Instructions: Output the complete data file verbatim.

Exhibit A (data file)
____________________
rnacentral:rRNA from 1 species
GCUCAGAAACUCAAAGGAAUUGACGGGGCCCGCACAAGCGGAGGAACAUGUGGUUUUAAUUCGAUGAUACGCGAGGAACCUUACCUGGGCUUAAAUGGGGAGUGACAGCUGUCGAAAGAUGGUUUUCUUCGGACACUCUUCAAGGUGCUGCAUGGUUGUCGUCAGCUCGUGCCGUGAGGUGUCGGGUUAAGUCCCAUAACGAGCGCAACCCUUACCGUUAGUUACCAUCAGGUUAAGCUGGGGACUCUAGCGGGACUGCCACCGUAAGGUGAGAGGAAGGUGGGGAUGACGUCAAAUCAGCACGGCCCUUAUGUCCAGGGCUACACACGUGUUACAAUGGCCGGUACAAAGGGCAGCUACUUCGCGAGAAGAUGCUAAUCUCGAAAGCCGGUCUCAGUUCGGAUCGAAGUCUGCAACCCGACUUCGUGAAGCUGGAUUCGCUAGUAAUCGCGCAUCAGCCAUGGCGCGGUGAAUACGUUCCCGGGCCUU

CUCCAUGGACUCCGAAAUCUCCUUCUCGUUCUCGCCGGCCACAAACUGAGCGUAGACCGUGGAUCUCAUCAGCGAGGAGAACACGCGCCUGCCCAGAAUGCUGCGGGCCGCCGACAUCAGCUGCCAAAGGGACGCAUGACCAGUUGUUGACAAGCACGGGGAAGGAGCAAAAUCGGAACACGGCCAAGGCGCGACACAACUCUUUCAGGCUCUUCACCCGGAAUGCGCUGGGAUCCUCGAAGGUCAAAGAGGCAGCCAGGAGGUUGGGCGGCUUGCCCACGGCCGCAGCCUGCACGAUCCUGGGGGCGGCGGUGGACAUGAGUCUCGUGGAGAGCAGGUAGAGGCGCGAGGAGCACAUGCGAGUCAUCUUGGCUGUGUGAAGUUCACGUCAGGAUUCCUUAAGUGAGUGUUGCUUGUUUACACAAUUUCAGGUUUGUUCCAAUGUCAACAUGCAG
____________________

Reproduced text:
rnacentral:rRNA from 1 species
GCUCAGAAACUCAAAGGAAUUGACGGGGCCCGCACAAGCGGAGGAACAUGUGGUUUUAAUUCGAUGAUACGCGAGGAACCUUACCUGGGCUUAAAUGGGGAGUGACAGCUGUCGAAAGAUGGUUUUCUUCGGACACUCUUCAAGGUGCUGCAUGGUUGUCGUCAGCUCGUGCCGUGAGGUGUCGGGUUAAGUCCCAUAACGAGCGCAACCCUUACCGUUAGUUACCAUCAGGUUAAGCUGGGGACUCUAGCGGGACUGCCACCGUAAGGUGAGAGGAAGGUGGGGAUGACGUCAAAUCAGCACGGCCCUUAUGUCCAGGGCUACACACGUGUUACAAUGGCCGGUACAAAGGGCAGCUACUUCGCGAGAAGAUGCUAAUCUCGAAAGCCGGUCUCAGUUCGGAUCGAAGUCUGCAACCCGACUUCGUGAAGCUGGAUUCGCUAGUAAUCGCGCAUCAGCCAUGGCGCGGUGAAUACGUUCCCGGGCCUU

CUCCAUGGACUCCGAAAUCUCCUUCUCGUUCUCGCCGGCCACAAACUGAGCGUAGACCGUGGAUCUCAUCAGCGAGGAGAACACGCGCCUGCCCAGAAUGCUGCGGGCCGCCGACAUCAGCUGCCAAAGGGACGCAUGACCAGUUGUUGACAAGCACGGGGAAGGAGCAAAAUCGGAACACGGCCAAGGCGCGACACAACUCUUUCAGGCUCUUCACCCGGAAUGCGCUGGGAUCCUCGAAGGUCAAAGAGGCAGCCAGGAGGUUGGGCGGCUUGCCCACGGCCGCAGCCUGCACGAUCCUGGGGGCGGCGGUGGACAUGAGUCUCGUGGAGAGCAGGUAGAGGCGCGAGGAGCACAUGCGAGUCAUCUUGGCUGUGUGAAGUUCACGUCAGGAUUCCUUAAGUGAGUGUUGCUUGUUUACACAAUUUCAGGUUUGUUCCAAUGUCAACAUGCAG